While it has not yet published its official “scorecard” of demands for the home-stretch negotiations, it has released a list of 11 points (pdf) it wants to discuss with the board.

These 11 points can be grouped into a smaller number of buckets: objections and disputes procedures, trademark protection, registry-registrar separation, and the treatment of geographical names.

I wrote about the trademark issue in part one of this post.

The GAC appears to have adopted many of the arguments of the IP lobby – it thinks the AGB does not currently do enough to ensure the costs to business of new TLDs will be minimized – so we might expect that to be a major topic of discussion at the GAC-Board retreat in February.

I’ll be interested to hear what it has to say about registry-registrar separation.

The GAC has been pushing for some looser cross-ownership restrictions, in order to foster competition, since 2007, and most recently in September.

It has previously been in favor of restrictions on “insider” companies with market power, but for a more relaxed environment for new entrants (such as “community” TLDs that may largely operate under agreements with their local governments).

This position looks quite compatible with ICANN’s new vertical integration policy, to me, so I’m not sure where the GAC’s concerns currently lie.

The issue of disputes and objections may be the trickiest one.

The GAC basically wants a way for its members to block “controversial” TLD applications on public policy grounds, without having to pay fees.

The “Rec6” policy, previously known as “morality and public order objections” is one of the issues the ICANN board has specifically acknowledged is Not Closed.

This is from its Cartagena resolution:

Discussions will continue on (1) the roles of the Board, GAC, and ALAC in the objection process, (2) the incitement to discrimination criterion, and (3) fees for GAC and ALAC-instigated objections. ICANN will take into account public comment including the advice of the GAC, and looks forward to receiving further input from the working group in an attempt to close this issue.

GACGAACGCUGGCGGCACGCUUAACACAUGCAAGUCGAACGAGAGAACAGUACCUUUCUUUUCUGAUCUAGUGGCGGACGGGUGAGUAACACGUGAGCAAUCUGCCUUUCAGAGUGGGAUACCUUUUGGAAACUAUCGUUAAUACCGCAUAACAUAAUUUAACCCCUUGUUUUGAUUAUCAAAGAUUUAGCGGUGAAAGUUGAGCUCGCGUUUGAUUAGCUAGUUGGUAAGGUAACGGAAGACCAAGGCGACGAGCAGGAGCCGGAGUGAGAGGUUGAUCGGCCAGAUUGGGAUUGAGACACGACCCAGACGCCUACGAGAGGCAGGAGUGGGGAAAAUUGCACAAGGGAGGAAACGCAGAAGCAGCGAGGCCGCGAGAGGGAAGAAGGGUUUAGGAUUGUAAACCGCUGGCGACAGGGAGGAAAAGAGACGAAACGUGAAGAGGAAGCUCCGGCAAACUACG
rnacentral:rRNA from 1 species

GAC members on the Rec6 working group repeatedly highlighted objection fees as a deal-breaker – governments don’t want to have to pay to object to TLD applications.

This appears to been cast as some kind of sovereignty-based matter of principle, although I suppose it could just as easily be an “in this economic climate” budgeting concern.

ICANN’s position is that the GAC as a whole can object for free, but that individual governments have to pay. Fees for some objection procedures will run into tens of thousands of dollars.

The GAC also has beef with the AGB’s treatment of geographic strings.

This is an area where ICANN says the AGB already “substantially reflects the views of the ICANN community” but intends to take GAC comments into account.

ICANN has already made substantial concessions on the geographic names issue, but there may still be a few loopholes through which territory names could slip through the net and be approved without the endorsement of their local governments.

Finally, the GAC wants to include amendments to the Registrar Accreditation Agreement, previously recommended by law enforcement agencies, in the AGB discussion.

The appears to have come completely out of the blue, without any direct relevance to the new TLD program.

It’s a long list covering a lot of issues, and it could get longer when the GAC publishes its official “scorecard”. We’ll have to wait and see.

Porn group threatens lawsuits over new TLDs

Kevin Murphy, December 2, 2010, Domain Registries

Porn trade group the Free Speech Coalition has added its name to the list of organizations saying that ICANN could be sued over its new top-level domains program.

In her latest letter to ICANN, FSC executive director Diane Duke has made a last-ditch attempt to get the proposed .xxx TLD rejected, and not-so-subtly raises the threat of court action:

ICM Registry promises millions of dollars of income for ICANN, assuming that income is not consumed by the inevitable litigation which ICANN will find itself a party to if the proposal is adopted

But she also writes about lawsuits targeting the new TLD program itself.

ICM’s .xxx application is being handled under the rules established for “sponsored” TLDs in 2003, rather than the rules for gTLDs in the Applicant Guidebook that will be enforced in future.

As such, .xxx is not subject to challenges such as the “morality and public order objections” envisioned by the AGB, unlike potential future applications such as .porn. Duke wrote:

What about those in the adult community who wish to apply for a gTLD? With ICANN’s policy development in regards to “Morality and Public Order” will gTLDs be held to a higher standard than the sTLD? Does ICANN believe that it is not liable for this inequity? Any company prepared to invest the substantial moneys necessary to manage a gTLD will surely take ICANN to court to demand equitable standards for their TLD application.

She goes on to suggest that ICM itself may sue to block such applicants.

Does ICANN really believe that the litigious ICM will sit idly by while a .SEX or .PORN gTLD is introduced? Is ICANN so naive to believe that the purveyor of the “sponsored” TLD, who spent in excess of $10 million to bully its way through ICANN’s processes, will stop its threats of litigation with a mere approval of the sTLD?

Is the FSC privy to the TLD aspirations of others in the adult business? Or is this just a lot of hot air born out of desperation? I guess time will tell.